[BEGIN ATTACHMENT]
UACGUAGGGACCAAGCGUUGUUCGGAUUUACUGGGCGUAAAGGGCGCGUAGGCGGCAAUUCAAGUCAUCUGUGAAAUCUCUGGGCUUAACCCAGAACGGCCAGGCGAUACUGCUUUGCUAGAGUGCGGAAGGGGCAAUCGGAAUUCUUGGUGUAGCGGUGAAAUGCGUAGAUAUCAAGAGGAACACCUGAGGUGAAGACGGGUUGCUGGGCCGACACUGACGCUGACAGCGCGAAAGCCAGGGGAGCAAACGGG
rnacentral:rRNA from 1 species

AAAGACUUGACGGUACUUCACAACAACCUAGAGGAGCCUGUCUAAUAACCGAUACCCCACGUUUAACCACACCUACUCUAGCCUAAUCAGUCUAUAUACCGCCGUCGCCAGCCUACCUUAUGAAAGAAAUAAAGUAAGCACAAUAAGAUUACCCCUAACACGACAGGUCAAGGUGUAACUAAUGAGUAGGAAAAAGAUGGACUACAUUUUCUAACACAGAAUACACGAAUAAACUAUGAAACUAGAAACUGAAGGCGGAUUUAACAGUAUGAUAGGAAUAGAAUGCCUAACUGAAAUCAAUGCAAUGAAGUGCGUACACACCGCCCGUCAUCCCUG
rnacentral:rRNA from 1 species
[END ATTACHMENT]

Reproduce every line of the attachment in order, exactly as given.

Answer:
UACGUAGGGACCAAGCGUUGUUCGGAUUUACUGGGCGUAAAGGGCGCGUAGGCGGCAAUUCAAGUCAUCUGUGAAAUCUCUGGGCUUAACCCAGAACGGCCAGGCGAUACUGCUUUGCUAGAGUGCGGAAGGGGCAAUCGGAAUUCUUGGUGUAGCGGUGAAAUGCGUAGAUAUCAAGAGGAACACCUGAGGUGAAGACGGGUUGCUGGGCCGACACUGACGCUGACAGCGCGAAAGCCAGGGGAGCAAACGGG
rnacentral:rRNA from 1 species

AAAGACUUGACGGUACUUCACAACAACCUAGAGGAGCCUGUCUAAUAACCGAUACCCCACGUUUAACCACACCUACUCUAGCCUAAUCAGUCUAUAUACCGCCGUCGCCAGCCUACCUUAUGAAAGAAAUAAAGUAAGCACAAUAAGAUUACCCCUAACACGACAGGUCAAGGUGUAACUAAUGAGUAGGAAAAAGAUGGACUACAUUUUCUAACACAGAAUACACGAAUAAACUAUGAAACUAGAAACUGAAGGCGGAUUUAACAGUAUGAUAGGAAUAGAAUGCCUAACUGAAAUCAAUGCAAUGAAGUGCGUACACACCGCCCGUCAUCCCUG
rnacentral:rRNA from 1 species